• Diamond Stitching Awl Ebay - $9 - While technically not necessary if you're using a stitching chisel, if the leather you're working with is extremely thick, it might help to have it. You should get one anyway though. You'll inevitable end up using it. Also, make sure to get a "Diamond" pointed one. Normal awls with round points just poke a hole in that doesn't close back up. Diamond points are wide and thin, and this allows the leather to close back up on the thread after it has been sewed up. C.S. Osborne is also American made.

  • Skiving Knife Ebay - $9 - Needed for thinning leather when folding, or simply trimming thick leather. There are several different styles, and they all definitely require a bit of finesse to be used properly, but are immensely rewarding once learned. Also a C.S. Osborne.

  • Bone Folder Ebay - $7 - One of the tools you can improvise for. It's needed to crease corners when folding to flatten them out. Also can be used to burnish. The cocobolo burnisher that I made ended up working just as well as this for folding as well. Any smooth, rounded/flat long object will work well for this. This one is also a C.S. Osborne.

  • Harness Needles Ebay - $7 - Size 2 is what I got, and it fits with 0.8 thread, also what I used. These needles are handy because the tips are somewhat rounded, which means no pricked fingers. Comes in a pack of 25, and the first two that I pulled out are still going strong, so they're quite sturdy.

  • Ritza "Tiger" Thread Ebay - $7 for 25m - Obviously endless varietes of alternatives here. However, in my research it seemed to be the consensus that this was the superior thread. It comes already waxed, and it's extremely durable. The 0.8mm size fits the size 2 needle, and both are great for small projects.

  • Barge Cement Ebay - $4 or $23 - Barge cement is a well known glue for leatherworkers, and works well. It's used to hold edges together to make sewing easier, as well as holding folds down. The thing is, they released a new formula, (the $4 one) that is "eco-friendly" and is missing some key chemicals. This is the one I got. It also kinda sucks at holding leather together. The original formula, (the $23 one), comes in a quart size at the smallest, but from what I heard this one is rock solid and the origin of their reputation. If you're planning on doing many projects I'd just say to invest in the quart.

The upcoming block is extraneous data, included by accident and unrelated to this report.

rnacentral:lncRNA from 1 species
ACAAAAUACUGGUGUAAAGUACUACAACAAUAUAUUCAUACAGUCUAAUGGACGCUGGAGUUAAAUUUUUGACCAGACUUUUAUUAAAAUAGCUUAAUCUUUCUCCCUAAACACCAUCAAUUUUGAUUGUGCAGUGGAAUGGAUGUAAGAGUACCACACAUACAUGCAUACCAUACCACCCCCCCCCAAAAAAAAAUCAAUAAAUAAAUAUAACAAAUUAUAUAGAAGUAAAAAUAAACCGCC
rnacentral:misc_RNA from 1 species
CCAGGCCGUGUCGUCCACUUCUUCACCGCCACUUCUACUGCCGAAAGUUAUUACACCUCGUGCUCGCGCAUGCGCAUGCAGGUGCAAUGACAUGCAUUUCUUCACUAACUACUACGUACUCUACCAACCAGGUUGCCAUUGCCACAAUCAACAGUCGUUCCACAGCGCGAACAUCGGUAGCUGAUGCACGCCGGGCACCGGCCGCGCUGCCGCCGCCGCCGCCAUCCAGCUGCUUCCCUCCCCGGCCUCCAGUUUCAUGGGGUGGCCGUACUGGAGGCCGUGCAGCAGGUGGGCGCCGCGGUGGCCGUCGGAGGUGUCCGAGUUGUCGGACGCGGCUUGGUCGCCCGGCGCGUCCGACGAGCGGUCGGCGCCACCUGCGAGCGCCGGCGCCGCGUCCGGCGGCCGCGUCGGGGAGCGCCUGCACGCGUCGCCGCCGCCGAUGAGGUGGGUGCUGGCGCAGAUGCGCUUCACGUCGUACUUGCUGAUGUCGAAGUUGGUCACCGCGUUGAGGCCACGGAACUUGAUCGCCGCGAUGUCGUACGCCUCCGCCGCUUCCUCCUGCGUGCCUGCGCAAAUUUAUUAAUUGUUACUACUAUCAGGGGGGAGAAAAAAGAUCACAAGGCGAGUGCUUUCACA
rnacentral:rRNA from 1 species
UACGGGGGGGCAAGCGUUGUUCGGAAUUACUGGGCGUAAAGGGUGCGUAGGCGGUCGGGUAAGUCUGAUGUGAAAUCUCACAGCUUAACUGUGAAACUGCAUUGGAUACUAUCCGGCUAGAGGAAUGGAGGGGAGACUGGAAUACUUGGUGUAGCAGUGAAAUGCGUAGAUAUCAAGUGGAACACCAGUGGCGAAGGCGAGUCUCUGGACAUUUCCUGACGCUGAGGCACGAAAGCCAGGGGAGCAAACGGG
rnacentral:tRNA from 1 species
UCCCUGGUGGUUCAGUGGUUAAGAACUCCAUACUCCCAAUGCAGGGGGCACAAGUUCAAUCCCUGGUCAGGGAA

• Stitching Pony This is what it looks like - I didn't put a link to a product for this one because all the ones I have seen are ridiculously overpriced. I made my own out of some more scrap hardwood I had laying around, (you can barely see the tip of it in the sewing picture here and it works flawlessly. It's used to hold the leather together so you can saddle stitch it, which requires both hands. Besides the wood, it cost me about $3 in hardware to make my own. You can easily whip one up with some 2x4s and a long bolt, knob, and some screws, for a grand total of probably $5 from home depot. You may need a table or miter saw, or equivalent.

    *Some of the eBay listings might have ended, but I'm sure you'll be able to find identical tools for the equivalent price or even cheaper.